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Light-dependent magnetic compass orientation in amphibians and insects: candidate receptors and candidate molecular mechanisms

  • John B. Phillips
  • Paulo E. Jorge
  • Rachel Muheim
Publishing year: 2010
Language: English
Pages: 241-256
Publication/Series: Journal of the Royal Society Interface
Volume: 7
Document type: Journal article
Publisher: Royal Society

Abstract english

Magnetic compass orientation by amphibians, and some insects, is mediated by a light-dependent magnetoreception mechanism. Cryptochrome photopigments, best known for their role in circadian rhythms, are proposed to mediate such responses. In this paper, we explore light-dependent properties of magnetic sensing at three levels: (i) behavioural (wavelength-dependent effects of light on magnetic compass orientation), (ii) physiological (photoreceptors/photopigment systems with properties suggesting a role in magnetoreception), and (iii) molecular (cryptochrome-based and non-cryptochrome-based signalling pathways that are compatible with behavioural responses). Our goal is to identify photoreceptors and signalling pathways that are likely to play a specialized role in magnetoreception in order to definitively answer the question of whether the effects of light on magnetic compass orientation are mediated by a light-dependent magnetoreception mechanism, or instead are due to input from a non-light-dependent (e. g. magnetite-based) magnetoreception mechanism that secondarily interacts with other light-dependent processes.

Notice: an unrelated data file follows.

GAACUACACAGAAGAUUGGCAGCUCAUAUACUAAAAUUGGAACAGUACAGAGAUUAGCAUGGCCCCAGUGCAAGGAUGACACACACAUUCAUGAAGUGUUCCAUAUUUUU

• Zoology
  • magnetic compass
  • compound eye
  • pineal
  • cryptochrome
  • magnetoreception
  • photoreception


  • ISSN: 1742-5662
Rachel Muheim
E-mail: rachel [dot] muheim [at] biol [dot] lu [dot] se


Functional zoology

+46 46 222 31 93



Centre for Animal Movement Research
Evolutionary Ecology, Department of Biology
Ecology building S-223 62 Lund Sweden